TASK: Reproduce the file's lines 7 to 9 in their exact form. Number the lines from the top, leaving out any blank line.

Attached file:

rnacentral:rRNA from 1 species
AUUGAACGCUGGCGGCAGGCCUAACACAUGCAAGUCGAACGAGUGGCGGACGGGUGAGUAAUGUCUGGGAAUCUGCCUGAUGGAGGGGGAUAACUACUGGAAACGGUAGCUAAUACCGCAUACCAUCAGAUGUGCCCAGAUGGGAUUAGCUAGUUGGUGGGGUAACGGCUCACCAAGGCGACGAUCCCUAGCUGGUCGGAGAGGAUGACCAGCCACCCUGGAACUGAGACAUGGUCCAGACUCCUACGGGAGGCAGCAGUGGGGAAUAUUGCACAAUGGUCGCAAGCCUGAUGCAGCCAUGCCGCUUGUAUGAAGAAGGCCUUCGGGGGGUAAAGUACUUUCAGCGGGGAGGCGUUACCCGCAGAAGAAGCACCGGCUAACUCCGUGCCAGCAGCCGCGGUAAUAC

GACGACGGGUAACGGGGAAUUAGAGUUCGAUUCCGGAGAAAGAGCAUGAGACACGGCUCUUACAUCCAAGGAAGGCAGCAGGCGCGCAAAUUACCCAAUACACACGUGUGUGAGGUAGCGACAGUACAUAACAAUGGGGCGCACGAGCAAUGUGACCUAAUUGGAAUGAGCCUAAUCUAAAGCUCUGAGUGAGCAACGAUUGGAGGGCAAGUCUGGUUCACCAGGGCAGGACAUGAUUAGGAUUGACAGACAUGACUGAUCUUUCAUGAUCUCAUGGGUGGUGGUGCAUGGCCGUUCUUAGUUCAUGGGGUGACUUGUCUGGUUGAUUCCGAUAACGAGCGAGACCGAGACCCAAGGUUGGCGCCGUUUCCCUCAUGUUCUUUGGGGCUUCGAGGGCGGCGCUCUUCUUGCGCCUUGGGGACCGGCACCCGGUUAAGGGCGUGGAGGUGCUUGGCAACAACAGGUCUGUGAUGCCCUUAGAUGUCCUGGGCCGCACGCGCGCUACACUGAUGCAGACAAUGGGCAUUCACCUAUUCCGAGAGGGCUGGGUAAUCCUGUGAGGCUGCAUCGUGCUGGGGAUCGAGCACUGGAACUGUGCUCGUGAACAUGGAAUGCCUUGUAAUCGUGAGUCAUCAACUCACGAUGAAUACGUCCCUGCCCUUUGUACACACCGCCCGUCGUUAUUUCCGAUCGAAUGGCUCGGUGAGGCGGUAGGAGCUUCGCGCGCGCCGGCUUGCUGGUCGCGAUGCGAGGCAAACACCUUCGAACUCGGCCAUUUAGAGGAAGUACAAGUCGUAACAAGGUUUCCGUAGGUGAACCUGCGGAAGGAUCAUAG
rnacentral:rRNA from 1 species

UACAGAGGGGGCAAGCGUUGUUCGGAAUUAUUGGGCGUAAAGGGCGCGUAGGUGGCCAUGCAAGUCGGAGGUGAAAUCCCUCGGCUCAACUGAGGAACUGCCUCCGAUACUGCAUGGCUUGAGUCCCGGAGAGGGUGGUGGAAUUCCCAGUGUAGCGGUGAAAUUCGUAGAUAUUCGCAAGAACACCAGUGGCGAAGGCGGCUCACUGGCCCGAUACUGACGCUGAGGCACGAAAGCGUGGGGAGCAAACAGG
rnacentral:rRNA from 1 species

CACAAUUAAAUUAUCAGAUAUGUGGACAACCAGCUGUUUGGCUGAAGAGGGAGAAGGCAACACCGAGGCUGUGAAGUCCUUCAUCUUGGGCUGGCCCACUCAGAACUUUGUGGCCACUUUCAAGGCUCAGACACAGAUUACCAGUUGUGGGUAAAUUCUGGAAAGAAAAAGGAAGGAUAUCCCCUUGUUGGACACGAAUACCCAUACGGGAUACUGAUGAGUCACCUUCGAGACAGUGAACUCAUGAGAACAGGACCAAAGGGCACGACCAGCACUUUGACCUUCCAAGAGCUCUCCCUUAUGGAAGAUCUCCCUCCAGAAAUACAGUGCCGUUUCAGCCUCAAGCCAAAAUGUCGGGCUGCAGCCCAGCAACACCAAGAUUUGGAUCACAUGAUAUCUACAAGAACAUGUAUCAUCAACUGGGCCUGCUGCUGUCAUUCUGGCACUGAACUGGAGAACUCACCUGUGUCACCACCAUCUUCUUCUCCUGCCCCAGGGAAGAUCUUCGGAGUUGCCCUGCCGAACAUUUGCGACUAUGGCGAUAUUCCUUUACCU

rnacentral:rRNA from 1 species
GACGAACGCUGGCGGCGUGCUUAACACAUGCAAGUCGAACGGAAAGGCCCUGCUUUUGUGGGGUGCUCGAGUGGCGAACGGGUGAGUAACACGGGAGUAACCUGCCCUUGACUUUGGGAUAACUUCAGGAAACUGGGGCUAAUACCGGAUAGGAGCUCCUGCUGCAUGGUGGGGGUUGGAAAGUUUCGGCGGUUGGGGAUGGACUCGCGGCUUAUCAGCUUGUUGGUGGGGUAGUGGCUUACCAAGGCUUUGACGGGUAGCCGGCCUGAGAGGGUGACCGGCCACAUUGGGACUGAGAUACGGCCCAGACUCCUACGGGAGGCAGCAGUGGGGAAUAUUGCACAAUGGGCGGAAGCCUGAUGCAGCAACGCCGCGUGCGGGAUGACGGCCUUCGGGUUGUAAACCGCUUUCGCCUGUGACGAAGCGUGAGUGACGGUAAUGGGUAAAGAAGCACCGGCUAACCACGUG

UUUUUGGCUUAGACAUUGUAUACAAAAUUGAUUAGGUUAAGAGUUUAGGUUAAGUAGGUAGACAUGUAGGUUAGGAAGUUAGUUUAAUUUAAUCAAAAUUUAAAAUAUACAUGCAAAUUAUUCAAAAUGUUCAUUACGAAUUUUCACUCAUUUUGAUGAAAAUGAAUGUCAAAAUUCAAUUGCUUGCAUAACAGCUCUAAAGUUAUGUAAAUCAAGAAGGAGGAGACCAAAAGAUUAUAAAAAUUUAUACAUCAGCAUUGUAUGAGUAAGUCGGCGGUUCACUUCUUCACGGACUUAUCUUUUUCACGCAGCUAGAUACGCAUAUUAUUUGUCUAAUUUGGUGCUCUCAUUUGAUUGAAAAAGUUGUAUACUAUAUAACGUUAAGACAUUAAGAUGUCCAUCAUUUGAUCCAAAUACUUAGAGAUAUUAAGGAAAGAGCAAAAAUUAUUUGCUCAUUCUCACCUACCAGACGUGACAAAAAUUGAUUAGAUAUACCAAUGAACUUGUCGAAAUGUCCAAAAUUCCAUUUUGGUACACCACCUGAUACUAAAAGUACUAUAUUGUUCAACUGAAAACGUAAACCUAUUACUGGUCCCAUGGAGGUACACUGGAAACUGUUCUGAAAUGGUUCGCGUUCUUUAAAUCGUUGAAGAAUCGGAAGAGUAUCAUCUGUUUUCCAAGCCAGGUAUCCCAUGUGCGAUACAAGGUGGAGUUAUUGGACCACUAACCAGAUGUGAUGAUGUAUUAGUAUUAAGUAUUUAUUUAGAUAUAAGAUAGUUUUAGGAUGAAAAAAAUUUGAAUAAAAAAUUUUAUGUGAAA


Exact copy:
CACAAUUAAAUUAUCAGAUAUGUGGACAACCAGCUGUUUGGCUGAAGAGGGAGAAGGCAACACCGAGGCUGUGAAGUCCUUCAUCUUGGGCUGGCCCACUCAGAACUUUGUGGCCACUUUCAAGGCUCAGACACAGAUUACCAGUUGUGGGUAAAUUCUGGAAAGAAAAAGGAAGGAUAUCCCCUUGUUGGACACGAAUACCCAUACGGGAUACUGAUGAGUCACCUUCGAGACAGUGAACUCAUGAGAACAGGACCAAAGGGCACGACCAGCACUUUGACCUUCCAAGAGCUCUCCCUUAUGGAAGAUCUCCCUCCAGAAAUACAGUGCCGUUUCAGCCUCAAGCCAAAAUGUCGGGCUGCAGCCCAGCAACACCAAGAUUUGGAUCACAUGAUAUCUACAAGAACAUGUAUCAUCAACUGGGCCUGCUGCUGUCAUUCUGGCACUGAACUGGAGAACUCACCUGUGUCACCACCAUCUUCUUCUCCUGCCCCAGGGAAGAUCUUCGGAGUUGCCCUGCCGAACAUUUGCGACUAUGGCGAUAUUCCUUUACCU

rnacentral:rRNA from 1 species
GACGAACGCUGGCGGCGUGCUUAACACAUGCAAGUCGAACGGAAAGGCCCUGCUUUUGUGGGGUGCUCGAGUGGCGAACGGGUGAGUAACACGGGAGUAACCUGCCCUUGACUUUGGGAUAACUUCAGGAAACUGGGGCUAAUACCGGAUAGGAGCUCCUGCUGCAUGGUGGGGGUUGGAAAGUUUCGGCGGUUGGGGAUGGACUCGCGGCUUAUCAGCUUGUUGGUGGGGUAGUGGCUUACCAAGGCUUUGACGGGUAGCCGGCCUGAGAGGGUGACCGGCCACAUUGGGACUGAGAUACGGCCCAGACUCCUACGGGAGGCAGCAGUGGGGAAUAUUGCACAAUGGGCGGAAGCCUGAUGCAGCAACGCCGCGUGCGGGAUGACGGCCUUCGGGUUGUAAACCGCUUUCGCCUGUGACGAAGCGUGAGUGACGGUAAUGGGUAAAGAAGCACCGGCUAACCACGUG